Age limit for adults only reception – where to draw the line?

posted 8 months ago in Etiquette
  • poll: What would you do in my situation?
    Invite the oldest nephew, and make the age limit 16+ : (23 votes)
    59 %
    Invite the oldest and second oldest nephews, make the age limit 12+ : (7 votes)
    18 %
    Don’t invite any nephews : (8 votes)
    21 %
    Other (comment below) : (1 votes)
    3 %
  • Post # 2
    1027 posts
    Bumble bee
    • Wedding: March 2015

    I don’t think anyone else can really decide for you whether to invite this one 12-year-old. I’d say 16+ is probably the clearer line, but I don’t think it’s really a big deal either way.

    Post # 3
    226 posts
    Helper bee
    • Wedding: April 2021

    I think a 12-year-old would probably not enjoy the event because there will be no one close to his age to hang out with. But the older teenagers you could seat together. So in this case, definitely 16+.

    Post # 4
    51 posts
    Worker bee

    We had an adults-only reception, and the age cutoff was 14 as I had some family members in high school. A friend of mine with young children was very understanding, as she mentioned that her kids are learning that some events in life can’t/won’t include them. I think inviting only the oldest nephew is fine. 

    Post # 5
    584 posts
    Busy bee
    • Wedding: April 2018

    View original reply
    nordiclight :  I think 16+ makes the most sense with what you’ve outlined here. 

    Post # 6
    883 posts
    Busy bee
    • Wedding: June 2020

    I’m drawing the line generationally at the level of first cousins, which will leave one 16 year old cousin as the only guest under 21.

    I don’t have any nephews, but if I did I suppose I would stick to the generational angle and still keep it to siblings and first cousins and not the next generation down. 

    Post # 7
    7171 posts
    Busy Beekeeper
    • Wedding: September 2012

    I had adults only, and we didn’t have any guests under 23. The exception was my own sister, who was 12 at the time. I did give her the option to invite one of her best friends but she opted not to…because I think she just wanted to hang with the adults and act older…haha.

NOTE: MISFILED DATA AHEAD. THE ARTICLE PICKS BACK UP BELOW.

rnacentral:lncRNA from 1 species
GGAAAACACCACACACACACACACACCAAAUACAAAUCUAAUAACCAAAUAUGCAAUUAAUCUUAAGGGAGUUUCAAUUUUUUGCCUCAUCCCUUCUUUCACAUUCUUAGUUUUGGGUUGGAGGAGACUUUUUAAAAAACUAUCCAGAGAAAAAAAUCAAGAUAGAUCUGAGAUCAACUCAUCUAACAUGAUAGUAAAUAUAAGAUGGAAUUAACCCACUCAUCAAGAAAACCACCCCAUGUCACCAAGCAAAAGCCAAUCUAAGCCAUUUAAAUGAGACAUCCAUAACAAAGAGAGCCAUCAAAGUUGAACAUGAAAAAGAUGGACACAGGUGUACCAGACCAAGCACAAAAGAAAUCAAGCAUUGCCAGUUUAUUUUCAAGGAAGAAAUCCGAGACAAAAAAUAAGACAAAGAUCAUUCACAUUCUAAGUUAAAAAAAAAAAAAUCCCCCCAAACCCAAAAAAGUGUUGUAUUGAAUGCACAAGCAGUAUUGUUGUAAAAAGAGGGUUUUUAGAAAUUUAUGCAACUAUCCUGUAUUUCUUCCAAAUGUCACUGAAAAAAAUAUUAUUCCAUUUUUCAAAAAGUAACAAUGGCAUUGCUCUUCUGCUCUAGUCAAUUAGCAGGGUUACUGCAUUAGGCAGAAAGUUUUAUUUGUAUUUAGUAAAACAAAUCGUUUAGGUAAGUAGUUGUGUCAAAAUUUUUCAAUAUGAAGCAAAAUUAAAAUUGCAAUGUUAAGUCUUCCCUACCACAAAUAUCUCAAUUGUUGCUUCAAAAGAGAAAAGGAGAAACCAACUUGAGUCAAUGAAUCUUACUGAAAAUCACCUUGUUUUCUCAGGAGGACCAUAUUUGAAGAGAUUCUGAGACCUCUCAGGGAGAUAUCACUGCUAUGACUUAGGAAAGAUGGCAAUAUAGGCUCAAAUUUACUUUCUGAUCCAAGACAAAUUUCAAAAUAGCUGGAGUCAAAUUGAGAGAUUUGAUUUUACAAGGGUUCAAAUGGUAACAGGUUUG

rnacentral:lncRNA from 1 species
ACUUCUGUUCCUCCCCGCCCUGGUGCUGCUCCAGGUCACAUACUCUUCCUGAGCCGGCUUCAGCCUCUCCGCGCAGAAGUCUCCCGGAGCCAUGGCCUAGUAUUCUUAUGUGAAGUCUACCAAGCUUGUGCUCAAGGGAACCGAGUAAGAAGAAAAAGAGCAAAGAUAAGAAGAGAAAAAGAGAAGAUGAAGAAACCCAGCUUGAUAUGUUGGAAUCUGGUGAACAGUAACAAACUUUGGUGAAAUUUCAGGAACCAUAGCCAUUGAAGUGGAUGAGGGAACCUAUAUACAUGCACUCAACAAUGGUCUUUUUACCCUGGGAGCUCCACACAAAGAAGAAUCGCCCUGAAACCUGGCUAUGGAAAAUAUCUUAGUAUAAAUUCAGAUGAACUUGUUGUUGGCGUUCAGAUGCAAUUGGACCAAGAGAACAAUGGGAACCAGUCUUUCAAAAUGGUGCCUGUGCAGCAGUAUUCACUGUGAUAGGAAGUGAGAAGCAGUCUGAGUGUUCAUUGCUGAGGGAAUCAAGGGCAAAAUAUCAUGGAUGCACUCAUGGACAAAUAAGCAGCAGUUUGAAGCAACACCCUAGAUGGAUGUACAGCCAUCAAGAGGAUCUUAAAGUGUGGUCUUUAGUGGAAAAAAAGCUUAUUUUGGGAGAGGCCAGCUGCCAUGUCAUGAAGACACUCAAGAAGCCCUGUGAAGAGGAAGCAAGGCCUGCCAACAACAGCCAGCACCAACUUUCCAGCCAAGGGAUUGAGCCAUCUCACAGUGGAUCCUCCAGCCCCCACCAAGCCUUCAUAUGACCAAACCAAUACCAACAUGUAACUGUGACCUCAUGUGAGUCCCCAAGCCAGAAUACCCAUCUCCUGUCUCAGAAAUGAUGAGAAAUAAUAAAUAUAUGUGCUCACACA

I’d probably cut it off at 19 since that’s the legal drinking age. If you feel compelled to let the one 16 year old you can.

    Post # 8
    797 posts
    Busy bee
    • Wedding: June 2019

    I think it largely depends on the 12-year-old. For example, my 13-year-old niece LOVES hanging out with adults. She has zero qualms about there being no kiddos her age around (the difference here is I’m incredibly close to her and she often hangs out with me, my husband, my brother (her dad) and our friends. She’s 13 and the closest person in age in that friend group is 29, but she’s mature for her age and very fun, so we love hanging out with her and she loves hanging out with us too)

    I know that was a bit of a tangent, but I guess my point is that, if the 12-year-old is the type who loves hanging out with people older, then I don’t see the harm in inviting him. However, I also know kids around that age who don’t enjoy hanging out with adults as much, as would be bored being the youngest one there. I think you should use your best judgement, maybe talk to the parents and see what they think?

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